- 1890 Stagnation VS Regulation Plan;
- 1936 Kurshum Khan VS Mall;
- 1970 International contest;
- 1975 Protection of the monuments of culture- UN and UNESCO;
- 1981 New project for Kapana as a trade and craft district;
- 1995 European project: France- Bulgaria;
The post-liberation period is a time of relative retention and destruction of Kapana. On the night of June 13th, 1906, a large fire broke out in the neighborhood, which entirely burnt a large part of the Charshiya. Nikola Alvadjiev writes in Chronicles of Plovdiv, “Not only did the shops burn, but a past that will not be regained.” Among the irretrievably lost architectural values, were a large part of the Kurshum Khan and the Large Bazar. The intensive new restoration of Kapana took place after the WWI, more precisely, between 1920 and 1930.
In the 1920’s, architect Toma Tarpanov created the plans for many of the houses on “Knyaz Bogoridi” Str., “Abadjiiska” Str., and “Zlatarska”Str. The main architects of Kapana during this period were Hristo Peev, Stoyko Stoykov, and Georgi Bachvarov.
The style of architecture for most of the buildings at that time in the area, adhered to the Secession- with some touches of constructivism in the newer buildings – having simpler and clearer lines and details. The first regulation plan of Joseph Schnitter envisioned a new, modern street network, resulting in the loss of some of the characteristic streets, and introducing wider straighter streets, for example “Joakim Gruev st.”, “Georgi Benkovski st.”, and “Bogoridi st.”. The Large Bazar was almost completely destroyed and in 1936 Kurshum Khan was completely demolished, later to be replaced by The Hally (Mall), which partially introduced higher buildings in the district at the expense of reduced vitality.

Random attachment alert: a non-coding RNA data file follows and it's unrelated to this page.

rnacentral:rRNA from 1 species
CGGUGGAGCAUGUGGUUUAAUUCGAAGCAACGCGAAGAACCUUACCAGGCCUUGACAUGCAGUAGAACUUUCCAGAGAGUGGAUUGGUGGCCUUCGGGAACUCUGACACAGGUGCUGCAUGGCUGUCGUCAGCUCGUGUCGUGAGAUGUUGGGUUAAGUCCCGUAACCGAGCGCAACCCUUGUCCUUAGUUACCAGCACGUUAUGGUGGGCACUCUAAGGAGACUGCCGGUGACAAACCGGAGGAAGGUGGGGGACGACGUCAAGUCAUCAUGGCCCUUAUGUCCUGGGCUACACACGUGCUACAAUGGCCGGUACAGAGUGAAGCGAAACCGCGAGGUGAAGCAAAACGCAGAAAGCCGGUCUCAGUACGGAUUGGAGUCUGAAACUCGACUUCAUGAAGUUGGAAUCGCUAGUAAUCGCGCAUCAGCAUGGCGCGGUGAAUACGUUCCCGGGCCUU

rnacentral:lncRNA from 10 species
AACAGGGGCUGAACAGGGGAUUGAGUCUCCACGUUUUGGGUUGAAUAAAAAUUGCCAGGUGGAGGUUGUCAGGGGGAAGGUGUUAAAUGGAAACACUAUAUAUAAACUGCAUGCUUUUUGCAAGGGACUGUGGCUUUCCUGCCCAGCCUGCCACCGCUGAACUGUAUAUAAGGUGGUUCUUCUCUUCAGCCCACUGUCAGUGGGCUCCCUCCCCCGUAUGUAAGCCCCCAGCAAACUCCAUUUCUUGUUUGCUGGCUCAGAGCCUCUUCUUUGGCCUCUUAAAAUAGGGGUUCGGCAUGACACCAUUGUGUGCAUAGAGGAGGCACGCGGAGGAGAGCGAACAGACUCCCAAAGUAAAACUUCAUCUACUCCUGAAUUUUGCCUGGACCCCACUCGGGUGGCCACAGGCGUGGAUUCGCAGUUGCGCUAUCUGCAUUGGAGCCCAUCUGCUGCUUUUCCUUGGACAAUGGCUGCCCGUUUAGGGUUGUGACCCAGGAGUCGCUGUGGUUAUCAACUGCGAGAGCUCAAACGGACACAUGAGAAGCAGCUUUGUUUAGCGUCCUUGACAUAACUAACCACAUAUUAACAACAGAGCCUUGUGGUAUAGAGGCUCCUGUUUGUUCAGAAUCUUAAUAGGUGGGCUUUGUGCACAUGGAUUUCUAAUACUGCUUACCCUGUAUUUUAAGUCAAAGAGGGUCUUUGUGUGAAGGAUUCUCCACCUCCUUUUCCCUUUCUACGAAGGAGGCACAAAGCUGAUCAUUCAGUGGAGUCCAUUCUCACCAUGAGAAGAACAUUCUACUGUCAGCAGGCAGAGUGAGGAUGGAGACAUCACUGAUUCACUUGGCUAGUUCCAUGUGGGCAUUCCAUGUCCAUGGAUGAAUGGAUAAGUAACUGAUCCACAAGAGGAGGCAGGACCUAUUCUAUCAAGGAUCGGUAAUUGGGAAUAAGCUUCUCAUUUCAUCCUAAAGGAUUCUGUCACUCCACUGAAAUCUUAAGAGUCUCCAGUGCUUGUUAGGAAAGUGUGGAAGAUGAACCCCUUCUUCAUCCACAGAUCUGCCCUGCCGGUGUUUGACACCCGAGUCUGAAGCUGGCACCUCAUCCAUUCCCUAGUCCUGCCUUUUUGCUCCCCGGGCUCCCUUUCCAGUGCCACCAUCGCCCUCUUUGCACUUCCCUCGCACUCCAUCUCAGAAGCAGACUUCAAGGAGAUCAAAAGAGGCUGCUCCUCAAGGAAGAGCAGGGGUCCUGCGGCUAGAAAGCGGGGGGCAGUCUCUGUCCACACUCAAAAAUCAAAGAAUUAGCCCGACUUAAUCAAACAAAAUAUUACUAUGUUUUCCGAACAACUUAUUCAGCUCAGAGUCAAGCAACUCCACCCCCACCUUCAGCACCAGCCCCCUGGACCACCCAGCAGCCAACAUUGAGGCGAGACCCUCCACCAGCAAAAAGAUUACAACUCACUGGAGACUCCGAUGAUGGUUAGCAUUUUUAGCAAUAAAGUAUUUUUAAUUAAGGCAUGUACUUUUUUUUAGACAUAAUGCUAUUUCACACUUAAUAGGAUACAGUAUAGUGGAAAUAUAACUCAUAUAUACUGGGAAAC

The neighborhood continued to be colorful with its diverse and rich ethnicity, shaping the north-eastern sector, where the predominantly Armenian settlers were located. However, the new times of the central planning economy and the dominance of state and municipal property led to the depopulation of the neighborhood and its decline.
The inhabitants were few and most often stayed in uncomfortable housing estates. There were many deserted buildings as the infrastructure was relatively unfunctional… This process continued until 1970, when after an international contest, it was decided that the old buildings be demolished and a new shopping center (The Hally) be built, by the model of US shopping malls.
A project had been prepared for three modern concrete buildings, similar to The Hally, which were supposed to be connected into a single complex. The process started with the partial confiscation of the buildings, however, due to the lawful procedure and bureaucracy, the process proved to be more time-consuming than expected, which was fortunate for the neighborhood. 1975 came and it was announced by the UN as the “Year for the Protection of Cultural Monuments”, establishing a base for the young creative people in Plovdiv to start an initiative to preserve the identity of the neighborhood.
Each period of time destroyed and added something to Kapana, as it remains essential to the identity, history and cultural heritage of the city. The coming of 1980 brought along a new period of revival for the region as a trade and craft district. The preservation of street networks and the restoration of buildings, allowed the status of the neighborhood to be declared as a “Group Monument of Culture”.
Of about 400 buildings in Kapana, 80 have the status of individual monuments – objects of immovable cultural heritage. Here you can download a list of all objects registered as cultural monuments in the neighborhood. Listing all objects registered as cultural monuments in the neighborhood (The list is available only in Bulgarian Language) HERE.